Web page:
Two teens–one black, one white–grapple with the repercussions of a single violent act that leaves their school, their community, and, ultimately, the country bitterly divided by racial tension.
A bag of chips. That’s all sixteen-year-old Rashad is looking for at the corner bodega. What he finds instead is a fist-happy cop, Paul Galluzzo, who mistakes Rashad for a shoplifter, mistakes Rashad’s pleadings that he’s stolen nothing for belligerence, mistakes Rashad’s resistance to leave the bodega as resisting arrest, mistakes Rashad’s every flinch at every punch the cop throws as further resistance and refusal to STAY STILL as ordered. But how can you stay still when someone is pounding your face into the concrete pavement?
There were witnesses: Quinn Collins–a varsity basketball player and Rashad’s classmate who has been raised by Paul since his own father died in Afghanistan–and a video camera. Soon the beating is all over the news and Paul is getting threatened with accusations of prejudice and racial brutality. Quinn refuses to believe that the man who has basically been his savior could possibly be guilty. But then Rashad is absent. And absent again. And again. And the basketball team–half of whom are Rashad’s best friends–start to take sides. As does the school. And the town. Simmering tensions threaten to explode as Rashad and Quinn are forced to face decisions and consequences they had never considered before.
It’s category five in the Fiction Cafe Book Club Reading Challenge, ‘Read a book by two authors.’ For this category I have chosen the award-winning YA novel, All American Boys by Jason Reynolds and Brendan Kiely.
Dealing with a subject matter that has been at the forefront of media attention over the last twelve months due to the killing of George Floyd, this would be a great book to give a teen who wanted to read something that grapples with issues that they see in the news in a way that is approachable but also makes them think and try and understand the tensions that arise after such incidents.
The book is told from the dual viewpoints of Rashad, the victim of the violent act, and Quinn, his classmate and friend of the brother of the policeman involved in the arrest. Quinn is very torn between loyalty, and the tensions that arise in his school as everyone begins to take sides. It is a very effective way to present the different perspectives on the events of the book and to see how people are pressured to taking a stand for one side or another, and how the tension spreads quickly through a community. The subject is dealt with very sensitively, and it really brought the reality of the fallout from these events home in a way that we can all relate to.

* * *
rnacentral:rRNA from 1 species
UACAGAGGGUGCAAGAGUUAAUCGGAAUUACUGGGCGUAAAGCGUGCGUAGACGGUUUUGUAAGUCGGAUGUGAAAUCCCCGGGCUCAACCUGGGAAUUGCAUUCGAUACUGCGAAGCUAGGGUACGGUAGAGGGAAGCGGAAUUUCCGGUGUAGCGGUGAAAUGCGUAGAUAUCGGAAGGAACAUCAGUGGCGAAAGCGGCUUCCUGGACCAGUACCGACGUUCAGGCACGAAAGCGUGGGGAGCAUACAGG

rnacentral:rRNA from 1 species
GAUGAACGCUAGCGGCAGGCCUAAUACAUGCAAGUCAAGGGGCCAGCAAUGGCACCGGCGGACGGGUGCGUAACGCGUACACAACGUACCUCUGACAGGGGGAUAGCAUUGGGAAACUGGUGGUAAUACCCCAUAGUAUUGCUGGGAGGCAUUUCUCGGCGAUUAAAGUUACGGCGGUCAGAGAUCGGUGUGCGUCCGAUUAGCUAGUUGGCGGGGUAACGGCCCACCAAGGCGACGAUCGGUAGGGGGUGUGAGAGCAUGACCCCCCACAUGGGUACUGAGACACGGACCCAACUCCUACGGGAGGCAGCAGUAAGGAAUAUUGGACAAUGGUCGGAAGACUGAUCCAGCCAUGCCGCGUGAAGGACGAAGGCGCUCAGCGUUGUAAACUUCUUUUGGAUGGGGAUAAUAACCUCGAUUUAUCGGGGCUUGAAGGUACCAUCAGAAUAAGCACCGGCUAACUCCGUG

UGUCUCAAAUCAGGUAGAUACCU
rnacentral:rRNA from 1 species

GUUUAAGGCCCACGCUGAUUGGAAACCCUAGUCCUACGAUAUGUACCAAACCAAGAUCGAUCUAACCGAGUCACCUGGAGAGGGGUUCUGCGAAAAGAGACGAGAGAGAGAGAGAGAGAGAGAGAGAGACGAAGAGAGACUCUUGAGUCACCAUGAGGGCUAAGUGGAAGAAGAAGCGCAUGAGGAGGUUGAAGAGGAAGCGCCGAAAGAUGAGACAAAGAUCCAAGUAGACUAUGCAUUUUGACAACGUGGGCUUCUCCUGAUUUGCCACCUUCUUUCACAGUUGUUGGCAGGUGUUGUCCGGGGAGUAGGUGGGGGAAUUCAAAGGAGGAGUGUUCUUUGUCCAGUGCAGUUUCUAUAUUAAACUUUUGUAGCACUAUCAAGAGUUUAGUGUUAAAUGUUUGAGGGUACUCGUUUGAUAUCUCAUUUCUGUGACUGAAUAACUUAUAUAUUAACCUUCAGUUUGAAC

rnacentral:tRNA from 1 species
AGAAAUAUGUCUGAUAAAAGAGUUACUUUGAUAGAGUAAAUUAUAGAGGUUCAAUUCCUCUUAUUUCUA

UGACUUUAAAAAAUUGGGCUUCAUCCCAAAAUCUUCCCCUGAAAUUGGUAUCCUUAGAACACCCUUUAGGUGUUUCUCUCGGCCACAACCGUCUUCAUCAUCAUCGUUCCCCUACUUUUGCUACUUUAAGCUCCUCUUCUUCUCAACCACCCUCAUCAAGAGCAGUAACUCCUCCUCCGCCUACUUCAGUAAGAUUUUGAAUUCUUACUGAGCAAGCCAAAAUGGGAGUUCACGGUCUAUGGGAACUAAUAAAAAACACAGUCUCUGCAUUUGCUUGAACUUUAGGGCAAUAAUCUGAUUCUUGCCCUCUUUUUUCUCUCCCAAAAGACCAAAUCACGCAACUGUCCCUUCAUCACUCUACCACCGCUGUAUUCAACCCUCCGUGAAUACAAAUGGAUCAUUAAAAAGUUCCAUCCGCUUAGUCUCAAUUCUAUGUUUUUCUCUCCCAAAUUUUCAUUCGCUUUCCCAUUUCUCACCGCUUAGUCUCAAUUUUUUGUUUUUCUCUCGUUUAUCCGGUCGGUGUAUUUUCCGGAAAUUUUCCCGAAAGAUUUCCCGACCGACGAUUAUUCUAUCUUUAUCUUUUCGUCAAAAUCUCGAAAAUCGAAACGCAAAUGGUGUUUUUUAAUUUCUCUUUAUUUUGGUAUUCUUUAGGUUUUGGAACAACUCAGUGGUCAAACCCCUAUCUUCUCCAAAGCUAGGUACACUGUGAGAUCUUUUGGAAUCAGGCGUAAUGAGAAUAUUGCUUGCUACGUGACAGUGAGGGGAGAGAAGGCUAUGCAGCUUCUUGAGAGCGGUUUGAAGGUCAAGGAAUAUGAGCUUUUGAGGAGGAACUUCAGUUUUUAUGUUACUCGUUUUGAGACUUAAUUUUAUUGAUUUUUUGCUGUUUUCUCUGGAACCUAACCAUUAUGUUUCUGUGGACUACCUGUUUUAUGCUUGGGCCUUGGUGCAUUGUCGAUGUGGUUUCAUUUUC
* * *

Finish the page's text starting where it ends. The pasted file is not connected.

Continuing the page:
The book is emotional and difficult to read in parts, but these are issues that need to be brought into the open and discussed in the light, even if that makes us uncomfortable, so I would highly recommend this as a book you can give to young people in your life as a way of introducing them to the topic and giving you a jumping off point for discussion. I am certainly going to be encouraging my teenage daughters to read it as another step in the conversations I have already had with them following the events of the last twelve months.
The writing between the two authors is seamless, you wouldn’t know it was co-authored if you hadn’t been told, but I am sure the input of both made this book the balanced and considered telling of the story that it is. A great and important read, especially for the young adults it is aimed at.
All American Boys is out now in all formats and you can buy a copy here.
About the Authors
Jason Reynolds is a #1 New York Times bestselling author, a Newbery Award Honoree, a Printz Award Honoree, a two-time National Book Award finalist, a Kirkus Award winner, a two-time Walter Dean Myers Award winner, an NAACP Image Award Winner, and the recipient of multiple Coretta Scott King honors. He’s also the 2020-2021 National Ambassador for Young People’s Literature. His many books include Stamped, When I Was the Greatest, The Boy in the Black Suit, All American Boys (cowritten with Brendan Kiely), As Brave as You, For Every One, the Track series (Ghost, Patina, Sunny, and Lu), Look Both Ways, and Long Way Down, which received a Newbery Honor, a Printz Honor, and a Coretta Scott King Honor. He lives in Washington, DC.
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Brendan Kiely is the New York Times bestselling author of All American Boys (with Jason Reynolds), The Last True Love Story, The Gospel of Winter, Tradition, and The Other Talk. His work has been published in ten languages; received a Coretta Scott King Author Honor Award, the Walter Dean Myers Award, and the Amelia Elizabeth Walden Award; has twice been awarded Best Fiction for Young Adults by the American Library Association; and has been a Kirkus Reviews Best Book. Originally from the Boston area, he now lives in New York City.
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